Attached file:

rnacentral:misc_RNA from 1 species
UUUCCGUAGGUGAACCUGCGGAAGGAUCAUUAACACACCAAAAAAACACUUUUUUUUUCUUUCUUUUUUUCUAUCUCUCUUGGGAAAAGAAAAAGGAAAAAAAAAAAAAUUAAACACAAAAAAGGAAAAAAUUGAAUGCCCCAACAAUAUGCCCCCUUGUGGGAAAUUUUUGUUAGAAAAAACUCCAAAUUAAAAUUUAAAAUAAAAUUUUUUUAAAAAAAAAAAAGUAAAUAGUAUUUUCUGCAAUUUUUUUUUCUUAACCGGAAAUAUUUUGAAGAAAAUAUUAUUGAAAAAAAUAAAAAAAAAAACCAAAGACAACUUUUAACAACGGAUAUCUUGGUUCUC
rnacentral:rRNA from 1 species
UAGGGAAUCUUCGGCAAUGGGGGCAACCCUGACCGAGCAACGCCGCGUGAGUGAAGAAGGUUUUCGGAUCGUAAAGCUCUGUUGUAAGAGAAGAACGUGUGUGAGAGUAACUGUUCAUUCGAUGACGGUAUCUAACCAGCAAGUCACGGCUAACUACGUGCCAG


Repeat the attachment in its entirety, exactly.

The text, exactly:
rnacentral:misc_RNA from 1 species
UUUCCGUAGGUGAACCUGCGGAAGGAUCAUUAACACACCAAAAAAACACUUUUUUUUUCUUUCUUUUUUUCUAUCUCUCUUGGGAAAAGAAAAAGGAAAAAAAAAAAAAUUAAACACAAAAAAGGAAAAAAUUGAAUGCCCCAACAAUAUGCCCCCUUGUGGGAAAUUUUUGUUAGAAAAAACUCCAAAUUAAAAUUUAAAAUAAAAUUUUUUUAAAAAAAAAAAAGUAAAUAGUAUUUUCUGCAAUUUUUUUUUCUUAACCGGAAAUAUUUUGAAGAAAAUAUUAUUGAAAAAAAUAAAAAAAAAAACCAAAGACAACUUUUAACAACGGAUAUCUUGGUUCUC
rnacentral:rRNA from 1 species
UAGGGAAUCUUCGGCAAUGGGGGCAACCCUGACCGAGCAACGCCGCGUGAGUGAAGAAGGUUUUCGGAUCGUAAAGCUCUGUUGUAAGAGAAGAACGUGUGUGAGAGUAACUGUUCAUUCGAUGACGGUAUCUAACCAGCAAGUCACGGCUAACUACGUGCCAG